Somerleyton HallEdit profile
Somerleyton Hall is a country house in the village of Somerleyton in Lowestoft, Suffolk, England. It has a notable garden.
In 1240, a manor house was built on the site of Somerleyton Hall by Sir Peter Fitzosbert whose daughter married into the Jernegan family. The male line of the Fitzosberts ended, and the Jernegans held the estate until 1604 when John Wentworth bought it. He transformed Somerleyton Hall into a typical East Anglian Tudor-Jacobean mansion. It then passed to the Garney family. The next owner was Admiral Sir Thomas Allin, a native of Lowestoft. He took part in the Battle of Lowestoft (1665) and the Battle of Solebay at Southwold in 1672. Eventually the male line of that family also died out.
Somerleyton Hall and Park were bought in 1843 by Sir Samuel Morton Peto who, for the next seven years, carried out extensive rebuilding. Paintings were specially commissioned for the house, and the gardens and grounds were completely redesigned. Peto employed Prince Albert's architect John Thomas.
In 1863 the Somerleyton estate was sold to Sir Francis Crossley of Halifax, West Yorkshire who, like Peto, was a philanthropist, a manufacturer, and a Member of Parliament. Sir Francis' son Savile was created Baron Somerleyton in 1916. The House is now held by the present Lord Somerleyton and inhabited by the family. The family motto is 'Everything that is good comes from above'.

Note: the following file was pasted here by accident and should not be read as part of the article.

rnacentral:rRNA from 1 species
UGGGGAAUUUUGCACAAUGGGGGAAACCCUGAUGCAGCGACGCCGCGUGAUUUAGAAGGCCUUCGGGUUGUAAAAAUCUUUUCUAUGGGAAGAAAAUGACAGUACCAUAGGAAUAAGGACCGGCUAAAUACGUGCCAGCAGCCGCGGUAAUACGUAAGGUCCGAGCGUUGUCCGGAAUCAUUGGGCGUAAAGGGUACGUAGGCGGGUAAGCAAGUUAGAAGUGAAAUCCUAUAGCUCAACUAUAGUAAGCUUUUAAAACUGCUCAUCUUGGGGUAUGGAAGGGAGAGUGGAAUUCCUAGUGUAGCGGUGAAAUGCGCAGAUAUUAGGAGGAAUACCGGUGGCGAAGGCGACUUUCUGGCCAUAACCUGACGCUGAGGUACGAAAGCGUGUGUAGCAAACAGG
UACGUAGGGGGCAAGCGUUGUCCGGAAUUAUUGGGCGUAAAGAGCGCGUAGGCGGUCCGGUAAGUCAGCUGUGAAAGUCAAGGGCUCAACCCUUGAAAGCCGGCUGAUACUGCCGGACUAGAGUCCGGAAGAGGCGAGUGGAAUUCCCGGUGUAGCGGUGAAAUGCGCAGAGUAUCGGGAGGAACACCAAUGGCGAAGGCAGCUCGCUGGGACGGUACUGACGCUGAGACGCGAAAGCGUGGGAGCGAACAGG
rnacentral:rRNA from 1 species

The formal gardens cover 12 acres (49,000 m²). They feature a yew hedge maze created by William Andrews Nesfield in 1846, and a ridge and furrow greenhouse designed by Joseph Paxton, the architect of The Crystal Palace. There is also a walled garden, an aviary, a loggia and a 90 metre long pergola covered with roses and wisteria. The more informal areas of the garden feature rhododendrons and azaleas and a fine collection of specimen trees.
In 1998 Lord and Lady Somerleyton commissioned the English painter of country houses, gardens and estates, Jonathan Myles-Lea to paint Somerleyton Hall.